Isherwood, Christopher (William Bradshaw) 1904-1986
ISHERWOOD, Christopher (William Bradshaw) 1904-1986
PERSONAL: Born August 26, 1904, in High Lane, Cheshire, England; immigrated to the United States, 1939, naturalized citizen, 1946; died of cancer, January 4, 1986, in Santa Monica, CA; son of Francis Edward (a military officer) and Kathleen (Machell-Smith) Isherwood; longtime companion of Don Bachardy (an artist). Education: Attended Repton School, 1919-22, and Corpus Christi College, Cambridge, 1924-25; King's College, University of London, medical student, 1928-29. Politics: Democrat. Religion: Vedantist. Hobbies and other interests: "I was a born film fan."
CAREER: Writer, 1926-86. Worked as a secretary to French violinist Andre Mangeot and his Music Society String Quartet, London, England, 1926-27; private tutor in London, 1926-27; went to Berlin, Germany, in 1929 to visit W. H. Auden, and stayed, on and off, for four years; taught English in Berlin, 1930-33; traveled throughout Europe, 1933-37; did film script work for Gaumont-British; went to China with Auden, 1938; dialogue writer for Metro-Goldwyn-Mayer, Hollywood, CA, 1940; worked with American Friends Service Committee, Haverford, PA, in a hostel for Central European refugees, 1941-42; resident student of Vedanta Society of Southern California, Hollywood, and coeditor with Swami Prabhavananda of the society's magazine, Vedanta and the West, 1943-45; traveled in South America, 1947-48; guest professor at Los Angeles State College (now California State University, Los Angeles) and at University of California, Santa Barbara, 1959-62; Regents Professor at University of California Los Angeles, 1965, and University of California, Riverside, 1966. Exhibitions: Huntington Library mounted an exhibition on Isherwood entitled "A Writer and His World," in 2004.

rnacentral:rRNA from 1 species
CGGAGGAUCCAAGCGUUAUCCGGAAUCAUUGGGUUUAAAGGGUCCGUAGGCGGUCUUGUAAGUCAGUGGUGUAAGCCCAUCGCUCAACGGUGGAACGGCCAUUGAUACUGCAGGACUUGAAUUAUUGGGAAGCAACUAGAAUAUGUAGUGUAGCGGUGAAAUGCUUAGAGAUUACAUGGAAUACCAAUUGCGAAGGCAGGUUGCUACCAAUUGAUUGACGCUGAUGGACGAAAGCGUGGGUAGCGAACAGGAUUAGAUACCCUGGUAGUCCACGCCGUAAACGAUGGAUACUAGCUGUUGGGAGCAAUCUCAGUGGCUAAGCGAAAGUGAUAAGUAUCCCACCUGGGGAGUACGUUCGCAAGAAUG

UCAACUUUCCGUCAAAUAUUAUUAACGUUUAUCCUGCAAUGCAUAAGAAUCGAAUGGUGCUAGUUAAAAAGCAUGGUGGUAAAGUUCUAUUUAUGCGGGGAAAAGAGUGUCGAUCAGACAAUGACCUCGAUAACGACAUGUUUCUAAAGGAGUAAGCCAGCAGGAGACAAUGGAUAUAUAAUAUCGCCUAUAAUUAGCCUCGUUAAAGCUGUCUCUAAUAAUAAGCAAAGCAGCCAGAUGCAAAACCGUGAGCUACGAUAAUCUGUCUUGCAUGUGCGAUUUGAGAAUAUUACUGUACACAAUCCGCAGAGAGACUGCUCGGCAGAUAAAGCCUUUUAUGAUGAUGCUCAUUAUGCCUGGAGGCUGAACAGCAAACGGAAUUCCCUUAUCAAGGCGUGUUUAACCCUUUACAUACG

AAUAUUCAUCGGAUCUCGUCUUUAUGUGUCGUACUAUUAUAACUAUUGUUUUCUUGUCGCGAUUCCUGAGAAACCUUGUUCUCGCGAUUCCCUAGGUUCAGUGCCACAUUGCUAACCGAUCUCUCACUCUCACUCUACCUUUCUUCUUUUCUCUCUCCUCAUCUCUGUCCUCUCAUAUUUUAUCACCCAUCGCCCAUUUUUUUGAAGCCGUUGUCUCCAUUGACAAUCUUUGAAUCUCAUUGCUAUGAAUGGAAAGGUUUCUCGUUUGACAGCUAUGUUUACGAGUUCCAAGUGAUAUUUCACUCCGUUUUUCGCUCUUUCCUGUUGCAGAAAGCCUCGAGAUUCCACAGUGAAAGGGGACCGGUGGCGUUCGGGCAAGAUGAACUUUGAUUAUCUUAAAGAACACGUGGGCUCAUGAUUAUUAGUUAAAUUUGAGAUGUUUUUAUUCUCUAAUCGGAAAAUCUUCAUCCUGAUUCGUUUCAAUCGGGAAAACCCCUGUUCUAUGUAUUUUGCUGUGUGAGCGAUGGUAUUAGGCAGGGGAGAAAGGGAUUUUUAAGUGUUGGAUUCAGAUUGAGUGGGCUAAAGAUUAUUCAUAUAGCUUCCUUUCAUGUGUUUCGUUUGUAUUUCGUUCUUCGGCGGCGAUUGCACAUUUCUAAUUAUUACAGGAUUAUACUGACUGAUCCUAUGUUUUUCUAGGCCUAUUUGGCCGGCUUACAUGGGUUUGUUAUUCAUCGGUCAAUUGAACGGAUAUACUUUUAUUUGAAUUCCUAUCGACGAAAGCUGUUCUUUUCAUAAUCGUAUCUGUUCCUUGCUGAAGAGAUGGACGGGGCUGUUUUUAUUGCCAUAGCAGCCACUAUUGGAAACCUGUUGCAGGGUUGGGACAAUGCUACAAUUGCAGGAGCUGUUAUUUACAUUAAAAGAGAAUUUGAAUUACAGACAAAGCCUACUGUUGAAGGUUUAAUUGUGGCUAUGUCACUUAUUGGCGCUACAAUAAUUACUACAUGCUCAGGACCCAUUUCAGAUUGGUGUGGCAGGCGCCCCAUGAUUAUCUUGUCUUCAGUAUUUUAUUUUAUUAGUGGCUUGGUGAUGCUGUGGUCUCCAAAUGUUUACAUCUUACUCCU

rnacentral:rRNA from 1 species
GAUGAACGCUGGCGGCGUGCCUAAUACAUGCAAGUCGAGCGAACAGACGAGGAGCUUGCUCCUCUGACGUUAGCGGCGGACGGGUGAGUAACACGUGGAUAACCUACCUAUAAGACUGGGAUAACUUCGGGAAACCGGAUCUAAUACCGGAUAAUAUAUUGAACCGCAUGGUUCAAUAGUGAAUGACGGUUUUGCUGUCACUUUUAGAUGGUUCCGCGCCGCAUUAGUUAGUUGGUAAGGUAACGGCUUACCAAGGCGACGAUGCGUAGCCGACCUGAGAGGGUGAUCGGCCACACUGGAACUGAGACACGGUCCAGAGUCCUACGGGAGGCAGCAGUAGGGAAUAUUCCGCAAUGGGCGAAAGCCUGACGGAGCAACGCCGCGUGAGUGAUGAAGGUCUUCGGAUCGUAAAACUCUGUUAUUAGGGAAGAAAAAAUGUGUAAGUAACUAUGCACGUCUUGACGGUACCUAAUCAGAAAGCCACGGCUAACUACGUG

AWARDS, HONORS: Brandeis University creative arts award, 1974-75; PEN Body of Work Award, 1983; Common Wealth Award for distinguished service in literature, 1984.
All the Conspirators, Jonathan Cape (London, England), 1928, new edition, 1957, New Directions (New York, NY), 1958.
The Memorial: Portrait of a Family, Hogarth (London, England), 1932, New Directions (New York, NY), 1946.
The Last of Mr. Norris (also see below), William Morrow (New York, NY), 1935, published as Mr. Norris Changes Trains, Hogarth (London, England), 1935.
Sally Bowles (also see below), Hogarth (London, England), 1937.
Goodbye to Berlin (also see below), Random House (New York, NY), 1939.
Prater Violet, Random House (New York, NY), 1945.